This proved easy. Cavour put Piedmont on a war footing and called for volunteers to enlist in a new war of Italian liberation. The Austrians demanded that the Sardinians stand down and, when they refused, declared war on April 26th.

The Austrian plan was to use their superior forces (the Austrian 2nd Army was approximately 140,000 strong facing the 70,000 men of the entire Piedmontese army) to crush the Sardinians before the French could intervene. Unfortunately, the Austrian army had become a parade-ground army: led by men chosen by the Austrian Emperor Franz Josef for their social standing rather than their ability to fight. Under its commander Field Marshall Count von Ferenc Gyulai, and to the surprise of everyone, the 2nd Army advanced into Piedmont at a crawl and, rather than striking swiftly at Turin, took almost ten days to travel the fifty or so miles to be within reach of the Sardinian capital. There, now faced with reports of a combined Sardinian/French army massing to his southern flank, he lost his nerve, and retreated.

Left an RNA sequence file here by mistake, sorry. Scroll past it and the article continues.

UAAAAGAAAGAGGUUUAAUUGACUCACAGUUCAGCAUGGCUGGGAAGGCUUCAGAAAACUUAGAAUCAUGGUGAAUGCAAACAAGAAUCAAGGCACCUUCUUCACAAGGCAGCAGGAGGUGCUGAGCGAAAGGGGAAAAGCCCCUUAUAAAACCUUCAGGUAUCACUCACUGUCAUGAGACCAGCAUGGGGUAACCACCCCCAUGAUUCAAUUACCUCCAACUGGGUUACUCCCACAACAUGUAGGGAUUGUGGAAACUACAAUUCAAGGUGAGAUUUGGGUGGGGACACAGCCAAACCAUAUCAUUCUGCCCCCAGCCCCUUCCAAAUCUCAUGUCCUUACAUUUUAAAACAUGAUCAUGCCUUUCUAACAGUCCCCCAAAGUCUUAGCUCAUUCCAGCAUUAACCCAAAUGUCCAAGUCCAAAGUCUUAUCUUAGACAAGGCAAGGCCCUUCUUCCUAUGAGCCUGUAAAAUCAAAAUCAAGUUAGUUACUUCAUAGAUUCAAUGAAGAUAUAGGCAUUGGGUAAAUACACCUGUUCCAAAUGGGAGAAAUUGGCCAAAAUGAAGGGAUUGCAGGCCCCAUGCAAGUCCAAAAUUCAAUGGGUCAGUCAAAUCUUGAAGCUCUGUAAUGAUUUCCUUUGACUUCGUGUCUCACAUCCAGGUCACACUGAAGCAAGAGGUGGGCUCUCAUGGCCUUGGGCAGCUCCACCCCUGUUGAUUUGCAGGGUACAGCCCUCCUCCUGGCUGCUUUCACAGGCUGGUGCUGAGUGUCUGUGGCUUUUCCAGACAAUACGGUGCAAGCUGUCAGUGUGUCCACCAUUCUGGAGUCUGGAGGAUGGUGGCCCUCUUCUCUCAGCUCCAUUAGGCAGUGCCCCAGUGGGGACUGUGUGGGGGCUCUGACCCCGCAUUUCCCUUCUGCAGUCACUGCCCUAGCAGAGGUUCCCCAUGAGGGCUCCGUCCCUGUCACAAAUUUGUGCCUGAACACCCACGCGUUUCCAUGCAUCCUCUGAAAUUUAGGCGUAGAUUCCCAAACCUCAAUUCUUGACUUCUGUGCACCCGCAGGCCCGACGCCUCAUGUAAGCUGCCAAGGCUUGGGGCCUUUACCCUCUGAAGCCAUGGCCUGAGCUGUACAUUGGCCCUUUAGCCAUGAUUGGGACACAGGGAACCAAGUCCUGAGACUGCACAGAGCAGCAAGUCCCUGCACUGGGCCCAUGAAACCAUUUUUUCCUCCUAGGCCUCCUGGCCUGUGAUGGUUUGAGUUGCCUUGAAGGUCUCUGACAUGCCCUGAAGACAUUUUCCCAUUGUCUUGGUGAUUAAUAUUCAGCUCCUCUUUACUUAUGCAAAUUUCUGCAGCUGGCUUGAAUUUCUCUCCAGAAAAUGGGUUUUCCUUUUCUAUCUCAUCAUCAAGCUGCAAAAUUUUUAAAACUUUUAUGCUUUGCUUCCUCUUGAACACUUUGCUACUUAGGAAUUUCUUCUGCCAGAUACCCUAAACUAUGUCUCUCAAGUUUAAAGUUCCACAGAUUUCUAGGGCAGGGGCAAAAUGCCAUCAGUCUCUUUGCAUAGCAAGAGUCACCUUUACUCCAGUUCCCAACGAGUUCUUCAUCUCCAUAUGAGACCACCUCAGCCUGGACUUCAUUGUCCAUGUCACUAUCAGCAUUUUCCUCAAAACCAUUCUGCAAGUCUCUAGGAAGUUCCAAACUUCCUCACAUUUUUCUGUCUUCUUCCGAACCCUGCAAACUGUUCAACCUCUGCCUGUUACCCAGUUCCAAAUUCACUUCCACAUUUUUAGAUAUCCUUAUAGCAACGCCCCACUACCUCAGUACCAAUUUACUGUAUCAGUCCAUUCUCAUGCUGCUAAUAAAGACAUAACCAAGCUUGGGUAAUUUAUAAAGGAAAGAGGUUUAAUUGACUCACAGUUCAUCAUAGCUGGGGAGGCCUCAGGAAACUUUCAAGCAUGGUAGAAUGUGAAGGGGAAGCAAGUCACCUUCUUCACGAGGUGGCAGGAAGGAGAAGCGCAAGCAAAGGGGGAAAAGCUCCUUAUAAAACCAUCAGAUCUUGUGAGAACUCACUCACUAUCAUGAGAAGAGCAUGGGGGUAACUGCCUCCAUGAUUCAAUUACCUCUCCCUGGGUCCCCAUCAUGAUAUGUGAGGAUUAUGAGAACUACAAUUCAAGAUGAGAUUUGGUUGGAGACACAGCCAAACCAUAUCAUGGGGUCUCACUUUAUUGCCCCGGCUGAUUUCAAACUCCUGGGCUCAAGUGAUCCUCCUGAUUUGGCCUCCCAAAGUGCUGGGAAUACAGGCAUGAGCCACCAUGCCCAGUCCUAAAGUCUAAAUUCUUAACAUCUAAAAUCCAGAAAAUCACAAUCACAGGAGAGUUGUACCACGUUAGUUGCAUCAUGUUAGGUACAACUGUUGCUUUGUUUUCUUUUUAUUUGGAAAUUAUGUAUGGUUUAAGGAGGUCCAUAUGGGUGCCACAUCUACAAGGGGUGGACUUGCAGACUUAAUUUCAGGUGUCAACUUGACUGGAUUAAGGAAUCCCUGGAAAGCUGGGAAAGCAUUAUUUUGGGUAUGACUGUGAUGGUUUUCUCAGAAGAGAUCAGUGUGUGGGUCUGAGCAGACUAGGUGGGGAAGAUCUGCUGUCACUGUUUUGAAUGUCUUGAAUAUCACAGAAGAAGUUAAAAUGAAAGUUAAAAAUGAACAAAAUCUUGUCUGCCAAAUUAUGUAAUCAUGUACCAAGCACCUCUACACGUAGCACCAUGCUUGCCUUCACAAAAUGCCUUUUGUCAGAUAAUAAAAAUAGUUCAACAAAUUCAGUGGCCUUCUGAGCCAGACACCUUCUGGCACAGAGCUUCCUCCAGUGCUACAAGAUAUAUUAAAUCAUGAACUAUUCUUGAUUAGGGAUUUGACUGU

A skirmish at Montebello (May 20th) convinced Gyulai that the Allies would try to circle around him to the south and cut his lines of communication. He had, however, completely misread the situation. Napoleon III had joined the Allied army in early May, assumed personal command, and decided to circle north, rather than south, of the Austrians: using the railways to accomplish the rather tricky maneuver of shifting his entire army across the front of the enemy and cross the River Ticino near Novarro.

To cover this maneuver, he ordered the Sardinians to feint towards Palestro and there, at the end of May, when the Austrians responded with a reconnaissance in force, the first serious battle of the war was fought. Some 14,000 Austrians supported by 40 guns attacked a combined French/Sardinian force of 10,700 men and 18 guns: but were thrown back with heavy casualties. As a point of interest, Vittorio Emanuele, who had been watching the battle, was unable to restrain himself: and, as probably the last European monarch to do so, charged into battle at the head of his troops!